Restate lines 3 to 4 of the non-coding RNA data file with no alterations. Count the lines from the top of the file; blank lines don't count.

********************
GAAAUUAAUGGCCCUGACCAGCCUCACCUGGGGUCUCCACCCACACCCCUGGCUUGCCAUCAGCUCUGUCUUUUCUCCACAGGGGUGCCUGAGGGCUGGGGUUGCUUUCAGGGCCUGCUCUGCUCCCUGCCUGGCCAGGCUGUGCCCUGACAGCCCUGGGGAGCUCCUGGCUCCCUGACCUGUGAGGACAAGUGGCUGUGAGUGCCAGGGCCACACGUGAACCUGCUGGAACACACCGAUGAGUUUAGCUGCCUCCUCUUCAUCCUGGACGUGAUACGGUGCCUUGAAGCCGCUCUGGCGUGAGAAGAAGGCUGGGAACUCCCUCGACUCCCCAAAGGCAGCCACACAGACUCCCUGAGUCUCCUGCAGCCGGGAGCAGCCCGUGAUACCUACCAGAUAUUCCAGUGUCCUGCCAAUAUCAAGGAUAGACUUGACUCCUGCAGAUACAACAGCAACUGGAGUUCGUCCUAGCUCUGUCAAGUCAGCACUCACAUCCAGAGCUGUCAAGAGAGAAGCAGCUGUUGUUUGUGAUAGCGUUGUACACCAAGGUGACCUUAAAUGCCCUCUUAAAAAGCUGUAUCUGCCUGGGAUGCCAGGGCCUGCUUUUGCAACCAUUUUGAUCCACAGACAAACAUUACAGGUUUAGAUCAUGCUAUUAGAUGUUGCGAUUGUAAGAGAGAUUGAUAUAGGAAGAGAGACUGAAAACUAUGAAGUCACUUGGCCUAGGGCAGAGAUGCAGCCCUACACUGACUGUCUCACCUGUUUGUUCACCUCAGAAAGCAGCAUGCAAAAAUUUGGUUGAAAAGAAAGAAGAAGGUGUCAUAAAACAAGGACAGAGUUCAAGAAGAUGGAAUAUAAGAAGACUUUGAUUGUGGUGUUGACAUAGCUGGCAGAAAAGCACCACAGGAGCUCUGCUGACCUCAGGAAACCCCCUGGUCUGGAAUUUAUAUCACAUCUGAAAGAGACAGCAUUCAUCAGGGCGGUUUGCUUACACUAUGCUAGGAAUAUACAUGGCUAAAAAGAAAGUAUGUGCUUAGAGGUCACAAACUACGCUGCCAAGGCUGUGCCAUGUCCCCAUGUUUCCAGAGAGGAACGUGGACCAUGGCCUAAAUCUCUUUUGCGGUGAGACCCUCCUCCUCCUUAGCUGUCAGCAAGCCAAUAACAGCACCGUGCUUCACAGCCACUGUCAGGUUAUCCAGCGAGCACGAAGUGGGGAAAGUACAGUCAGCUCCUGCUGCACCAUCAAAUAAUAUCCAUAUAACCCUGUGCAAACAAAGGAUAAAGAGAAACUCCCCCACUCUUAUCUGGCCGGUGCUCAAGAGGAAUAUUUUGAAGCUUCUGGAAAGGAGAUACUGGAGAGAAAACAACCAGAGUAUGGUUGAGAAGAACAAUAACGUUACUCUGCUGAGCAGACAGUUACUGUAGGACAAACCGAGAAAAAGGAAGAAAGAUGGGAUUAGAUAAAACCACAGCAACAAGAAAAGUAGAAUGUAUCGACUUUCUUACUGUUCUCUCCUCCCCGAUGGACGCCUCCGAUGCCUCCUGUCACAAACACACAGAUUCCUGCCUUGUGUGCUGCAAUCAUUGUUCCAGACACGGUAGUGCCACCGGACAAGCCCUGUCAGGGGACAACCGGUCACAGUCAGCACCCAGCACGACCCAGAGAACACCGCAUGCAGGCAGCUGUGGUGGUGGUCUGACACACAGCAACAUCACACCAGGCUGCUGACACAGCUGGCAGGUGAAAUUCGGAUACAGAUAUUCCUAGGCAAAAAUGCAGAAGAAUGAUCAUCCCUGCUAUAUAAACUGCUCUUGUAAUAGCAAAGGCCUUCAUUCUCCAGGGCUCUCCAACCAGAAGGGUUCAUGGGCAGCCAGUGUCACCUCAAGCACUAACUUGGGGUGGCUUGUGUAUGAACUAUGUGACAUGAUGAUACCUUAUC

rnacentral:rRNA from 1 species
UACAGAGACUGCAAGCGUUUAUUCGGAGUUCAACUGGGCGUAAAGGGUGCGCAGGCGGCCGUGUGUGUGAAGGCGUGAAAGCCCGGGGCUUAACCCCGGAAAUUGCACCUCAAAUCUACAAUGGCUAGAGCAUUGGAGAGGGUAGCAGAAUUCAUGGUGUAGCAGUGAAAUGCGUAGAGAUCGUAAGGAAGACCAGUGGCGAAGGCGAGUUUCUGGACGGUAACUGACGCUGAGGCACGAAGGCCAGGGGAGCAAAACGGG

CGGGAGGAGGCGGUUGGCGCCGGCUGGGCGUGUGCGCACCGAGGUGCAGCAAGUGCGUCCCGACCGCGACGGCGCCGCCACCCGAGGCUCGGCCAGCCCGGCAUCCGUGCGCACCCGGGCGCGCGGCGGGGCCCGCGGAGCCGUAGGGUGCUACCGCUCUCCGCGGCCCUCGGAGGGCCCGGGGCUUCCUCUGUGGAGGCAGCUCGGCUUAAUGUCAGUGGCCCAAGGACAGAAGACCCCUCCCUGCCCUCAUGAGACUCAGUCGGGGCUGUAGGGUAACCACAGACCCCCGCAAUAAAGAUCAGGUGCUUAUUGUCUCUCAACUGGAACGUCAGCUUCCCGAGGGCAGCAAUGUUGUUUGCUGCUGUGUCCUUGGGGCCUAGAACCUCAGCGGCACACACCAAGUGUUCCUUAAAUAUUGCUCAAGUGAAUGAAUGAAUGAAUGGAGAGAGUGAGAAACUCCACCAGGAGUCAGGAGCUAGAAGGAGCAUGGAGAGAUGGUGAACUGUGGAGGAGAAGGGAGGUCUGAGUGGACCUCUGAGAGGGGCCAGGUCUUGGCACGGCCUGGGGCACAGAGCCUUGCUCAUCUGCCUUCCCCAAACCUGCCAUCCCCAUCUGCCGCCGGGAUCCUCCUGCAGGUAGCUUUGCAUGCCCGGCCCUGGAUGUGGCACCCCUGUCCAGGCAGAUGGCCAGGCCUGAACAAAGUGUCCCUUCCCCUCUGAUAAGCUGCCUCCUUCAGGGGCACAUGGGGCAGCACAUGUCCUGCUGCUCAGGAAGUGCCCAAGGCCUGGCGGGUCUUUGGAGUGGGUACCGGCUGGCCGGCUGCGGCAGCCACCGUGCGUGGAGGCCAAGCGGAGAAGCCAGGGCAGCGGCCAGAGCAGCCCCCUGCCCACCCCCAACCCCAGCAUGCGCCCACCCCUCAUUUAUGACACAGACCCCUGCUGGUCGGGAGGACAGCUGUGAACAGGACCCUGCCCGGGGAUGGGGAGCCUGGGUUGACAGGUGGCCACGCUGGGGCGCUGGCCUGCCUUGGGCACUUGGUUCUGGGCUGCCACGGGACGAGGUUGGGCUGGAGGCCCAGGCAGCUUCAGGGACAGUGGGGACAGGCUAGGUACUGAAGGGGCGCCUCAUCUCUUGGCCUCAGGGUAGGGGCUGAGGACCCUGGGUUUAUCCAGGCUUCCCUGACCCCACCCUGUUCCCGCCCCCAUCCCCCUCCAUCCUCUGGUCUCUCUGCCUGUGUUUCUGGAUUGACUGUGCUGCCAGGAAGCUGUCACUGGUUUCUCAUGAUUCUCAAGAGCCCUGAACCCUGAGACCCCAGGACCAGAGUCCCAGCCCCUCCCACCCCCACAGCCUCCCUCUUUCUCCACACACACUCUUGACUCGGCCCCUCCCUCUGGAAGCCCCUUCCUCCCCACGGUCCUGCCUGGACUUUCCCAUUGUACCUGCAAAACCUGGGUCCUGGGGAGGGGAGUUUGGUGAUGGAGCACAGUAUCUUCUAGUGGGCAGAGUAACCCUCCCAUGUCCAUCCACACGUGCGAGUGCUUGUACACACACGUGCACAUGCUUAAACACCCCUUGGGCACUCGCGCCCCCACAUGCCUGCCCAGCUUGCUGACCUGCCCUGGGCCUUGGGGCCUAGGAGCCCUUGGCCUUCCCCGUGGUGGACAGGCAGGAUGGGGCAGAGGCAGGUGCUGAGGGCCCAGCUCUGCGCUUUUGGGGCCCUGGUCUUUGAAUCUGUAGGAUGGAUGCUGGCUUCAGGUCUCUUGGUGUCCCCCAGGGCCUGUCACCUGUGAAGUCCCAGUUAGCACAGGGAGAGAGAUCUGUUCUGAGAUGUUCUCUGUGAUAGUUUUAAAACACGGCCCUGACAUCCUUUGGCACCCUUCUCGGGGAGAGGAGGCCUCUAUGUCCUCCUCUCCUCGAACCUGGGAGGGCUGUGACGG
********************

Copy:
UACAGAGACUGCAAGCGUUUAUUCGGAGUUCAACUGGGCGUAAAGGGUGCGCAGGCGGCCGUGUGUGUGAAGGCGUGAAAGCCCGGGGCUUAACCCCGGAAAUUGCACCUCAAAUCUACAAUGGCUAGAGCAUUGGAGAGGGUAGCAGAAUUCAUGGUGUAGCAGUGAAAUGCGUAGAGAUCGUAAGGAAGACCAGUGGCGAAGGCGAGUUUCUGGACGGUAACUGACGCUGAGGCACGAAGGCCAGGGGAGCAAAACGGG

CGGGAGGAGGCGGUUGGCGCCGGCUGGGCGUGUGCGCACCGAGGUGCAGCAAGUGCGUCCCGACCGCGACGGCGCCGCCACCCGAGGCUCGGCCAGCCCGGCAUCCGUGCGCACCCGGGCGCGCGGCGGGGCCCGCGGAGCCGUAGGGUGCUACCGCUCUCCGCGGCCCUCGGAGGGCCCGGGGCUUCCUCUGUGGAGGCAGCUCGGCUUAAUGUCAGUGGCCCAAGGACAGAAGACCCCUCCCUGCCCUCAUGAGACUCAGUCGGGGCUGUAGGGUAACCACAGACCCCCGCAAUAAAGAUCAGGUGCUUAUUGUCUCUCAACUGGAACGUCAGCUUCCCGAGGGCAGCAAUGUUGUUUGCUGCUGUGUCCUUGGGGCCUAGAACCUCAGCGGCACACACCAAGUGUUCCUUAAAUAUUGCUCAAGUGAAUGAAUGAAUGAAUGGAGAGAGUGAGAAACUCCACCAGGAGUCAGGAGCUAGAAGGAGCAUGGAGAGAUGGUGAACUGUGGAGGAGAAGGGAGGUCUGAGUGGACCUCUGAGAGGGGCCAGGUCUUGGCACGGCCUGGGGCACAGAGCCUUGCUCAUCUGCCUUCCCCAAACCUGCCAUCCCCAUCUGCCGCCGGGAUCCUCCUGCAGGUAGCUUUGCAUGCCCGGCCCUGGAUGUGGCACCCCUGUCCAGGCAGAUGGCCAGGCCUGAACAAAGUGUCCCUUCCCCUCUGAUAAGCUGCCUCCUUCAGGGGCACAUGGGGCAGCACAUGUCCUGCUGCUCAGGAAGUGCCCAAGGCCUGGCGGGUCUUUGGAGUGGGUACCGGCUGGCCGGCUGCGGCAGCCACCGUGCGUGGAGGCCAAGCGGAGAAGCCAGGGCAGCGGCCAGAGCAGCCCCCUGCCCACCCCCAACCCCAGCAUGCGCCCACCCCUCAUUUAUGACACAGACCCCUGCUGGUCGGGAGGACAGCUGUGAACAGGACCCUGCCCGGGGAUGGGGAGCCUGGGUUGACAGGUGGCCACGCUGGGGCGCUGGCCUGCCUUGGGCACUUGGUUCUGGGCUGCCACGGGACGAGGUUGGGCUGGAGGCCCAGGCAGCUUCAGGGACAGUGGGGACAGGCUAGGUACUGAAGGGGCGCCUCAUCUCUUGGCCUCAGGGUAGGGGCUGAGGACCCUGGGUUUAUCCAGGCUUCCCUGACCCCACCCUGUUCCCGCCCCCAUCCCCCUCCAUCCUCUGGUCUCUCUGCCUGUGUUUCUGGAUUGACUGUGCUGCCAGGAAGCUGUCACUGGUUUCUCAUGAUUCUCAAGAGCCCUGAACCCUGAGACCCCAGGACCAGAGUCCCAGCCCCUCCCACCCCCACAGCCUCCCUCUUUCUCCACACACACUCUUGACUCGGCCCCUCCCUCUGGAAGCCCCUUCCUCCCCACGGUCCUGCCUGGACUUUCCCAUUGUACCUGCAAAACCUGGGUCCUGGGGAGGGGAGUUUGGUGAUGGAGCACAGUAUCUUCUAGUGGGCAGAGUAACCCUCCCAUGUCCAUCCACACGUGCGAGUGCUUGUACACACACGUGCACAUGCUUAAACACCCCUUGGGCACUCGCGCCCCCACAUGCCUGCCCAGCUUGCUGACCUGCCCUGGGCCUUGGGGCCUAGGAGCCCUUGGCCUUCCCCGUGGUGGACAGGCAGGAUGGGGCAGAGGCAGGUGCUGAGGGCCCAGCUCUGCGCUUUUGGGGCCCUGGUCUUUGAAUCUGUAGGAUGGAUGCUGGCUUCAGGUCUCUUGGUGUCCCCCAGGGCCUGUCACCUGUGAAGUCCCAGUUAGCACAGGGAGAGAGAUCUGUUCUGAGAUGUUCUCUGUGAUAGUUUUAAAACACGGCCCUGACAUCCUUUGGCACCCUUCUCGGGGAGAGGAGGCCUCUAUGUCCUCCUCUCCUCGAACCUGGGAGGGCUGUGACGG